Oh, the places I will go (still in Philadelphia 🇺🇸)


Benjamin Franklin Bridge, Philadelphia

It’s nearly time to leave Philadelphia and the U.S. behind for a while, the city I have been living in for over a year now, and the country I have been calling home for over six. Europe still keeps the bigger part of my heart and I cannot wait to see all the cities I have never visited before.


I will be starting in Barcelona, Spain. While Barcelona is not a World Heritage City, I have a soft spot for Spain and somewhere between the greatest airfare deal and the one Spanish city I have been overly excited to visit, the stars aligned and ¡Hola!, here I come. 

My second stop will be in Visby, a town on an island a few hours off the coast of Stockholm, where I will be exploring what the Swedish culture is all about.

I will be trading Sweden for Warsaw, Poland, exploring the capital of my home’s  neighboring country. While I have been to a couple of places in Poland, it will be my first time in Warsaw.

I will be flying right next door to the Czech Republic after that. After spending a few hours in Prague, I will be traveling to Český Krumlov. Although I lived in the Czech Republic for the first 20 years of my life, I have never had the pleasure to visit this town and I am beyond excited.

My next flight will take me to Istanbul in Turkey, where I will eagerly discover a culture seemingly very different to what I am used to. 

From Istanbul, I will be traveling to Amsterdam, from where I will be taking a bus to Brugge in Belgium. I hope to also have time to tour and discover Amsterdam somewhere in between, before boarding my final overseas flight back to Philadelphia.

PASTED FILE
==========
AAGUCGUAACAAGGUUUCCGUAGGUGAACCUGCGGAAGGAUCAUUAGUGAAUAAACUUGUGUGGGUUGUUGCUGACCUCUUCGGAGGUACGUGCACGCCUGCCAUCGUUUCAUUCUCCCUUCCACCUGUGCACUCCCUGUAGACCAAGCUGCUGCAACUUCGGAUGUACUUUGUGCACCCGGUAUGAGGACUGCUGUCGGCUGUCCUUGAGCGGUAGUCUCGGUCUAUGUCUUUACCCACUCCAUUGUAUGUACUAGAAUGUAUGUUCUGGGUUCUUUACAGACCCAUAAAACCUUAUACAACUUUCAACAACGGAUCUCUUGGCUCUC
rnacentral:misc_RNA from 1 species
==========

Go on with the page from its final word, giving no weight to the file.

Boathouse Row, Philadelphia

At the end of my travels, I am very excited to introduce my current hometown to you, and take you on a tour around one of America’s most historical and most important cities.



As the name of my blog reveals, the connection I will try to find between the cities and towns I will be visiting is: immigration and cultural identity. 

Being an immigrant myself, I am really interested in better understanding how people create communities and keep their cultures alive even when they leave their homes. Just like the Organization of World Heritage Cities protects and promotes our towns, immigrant communities protect their heritage, being their traditions, habits, language, accent or way of living. One cannot exist without the other.

We live in times of global movements, when people easily travel, work or relocate abroad for other reasons, and it is important to have a sense of our own heritage, as much as heritage of the place we designate as our home.

Above belonging to a country, we all belong to this world, so we all should have a sense of responsibility for our world’s heritage, our own heritage and the World Heritage Cities, some of which I cannot wait to introduce to you.



Currently in Philadelphia 🇺🇸

When my internship boss resent me an email from Global Philadelphia a few months back, I mindlessly opened it, thinking it is just another of the many FIY emails about events in our city I get dozens of, ever since working as a social media intern.

My boss framed the email with “passing this on to all my favorite 18-28-year-olds, mostly because I’m just salty that I’m too old to apply,” catching my attention. 

A pin from the Global Philadelphia office with City Hall in the background